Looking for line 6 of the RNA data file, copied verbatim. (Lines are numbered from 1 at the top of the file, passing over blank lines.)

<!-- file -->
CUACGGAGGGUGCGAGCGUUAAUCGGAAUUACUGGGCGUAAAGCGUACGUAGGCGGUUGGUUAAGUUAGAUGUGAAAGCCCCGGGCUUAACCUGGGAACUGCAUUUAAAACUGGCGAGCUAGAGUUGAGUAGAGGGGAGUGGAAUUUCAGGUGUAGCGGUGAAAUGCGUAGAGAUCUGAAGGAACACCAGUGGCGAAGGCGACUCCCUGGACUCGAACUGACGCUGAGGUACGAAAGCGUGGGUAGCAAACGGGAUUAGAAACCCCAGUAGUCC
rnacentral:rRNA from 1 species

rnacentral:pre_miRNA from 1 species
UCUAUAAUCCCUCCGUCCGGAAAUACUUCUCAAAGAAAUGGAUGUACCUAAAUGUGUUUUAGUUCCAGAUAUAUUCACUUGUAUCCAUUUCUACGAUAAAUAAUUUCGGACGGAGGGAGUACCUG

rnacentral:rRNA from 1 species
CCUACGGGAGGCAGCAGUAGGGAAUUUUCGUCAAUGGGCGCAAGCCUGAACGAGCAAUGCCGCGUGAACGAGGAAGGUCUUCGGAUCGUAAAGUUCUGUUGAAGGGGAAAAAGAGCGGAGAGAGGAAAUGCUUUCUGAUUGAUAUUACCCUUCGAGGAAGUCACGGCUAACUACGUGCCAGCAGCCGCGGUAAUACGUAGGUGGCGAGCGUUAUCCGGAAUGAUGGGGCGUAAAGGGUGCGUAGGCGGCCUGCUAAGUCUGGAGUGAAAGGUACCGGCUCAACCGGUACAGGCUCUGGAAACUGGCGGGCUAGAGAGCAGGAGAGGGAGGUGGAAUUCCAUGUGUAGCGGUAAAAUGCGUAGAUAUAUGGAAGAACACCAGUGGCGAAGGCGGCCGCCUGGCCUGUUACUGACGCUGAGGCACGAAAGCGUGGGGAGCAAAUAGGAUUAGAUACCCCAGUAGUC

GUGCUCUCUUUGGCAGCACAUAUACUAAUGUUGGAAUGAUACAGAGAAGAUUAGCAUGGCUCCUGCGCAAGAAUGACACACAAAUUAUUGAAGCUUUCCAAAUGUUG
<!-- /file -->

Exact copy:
CCUACGGGAGGCAGCAGUAGGGAAUUUUCGUCAAUGGGCGCAAGCCUGAACGAGCAAUGCCGCGUGAACGAGGAAGGUCUUCGGAUCGUAAAGUUCUGUUGAAGGGGAAAAAGAGCGGAGAGAGGAAAUGCUUUCUGAUUGAUAUUACCCUUCGAGGAAGUCACGGCUAACUACGUGCCAGCAGCCGCGGUAAUACGUAGGUGGCGAGCGUUAUCCGGAAUGAUGGGGCGUAAAGGGUGCGUAGGCGGCCUGCUAAGUCUGGAGUGAAAGGUACCGGCUCAACCGGUACAGGCUCUGGAAACUGGCGGGCUAGAGAGCAGGAGAGGGAGGUGGAAUUCCAUGUGUAGCGGUAAAAUGCGUAGAUAUAUGGAAGAACACCAGUGGCGAAGGCGGCCGCCUGGCCUGUUACUGACGCUGAGGCACGAAAGCGUGGGGAGCAAAUAGGAUUAGAUACCCCAGUAGUC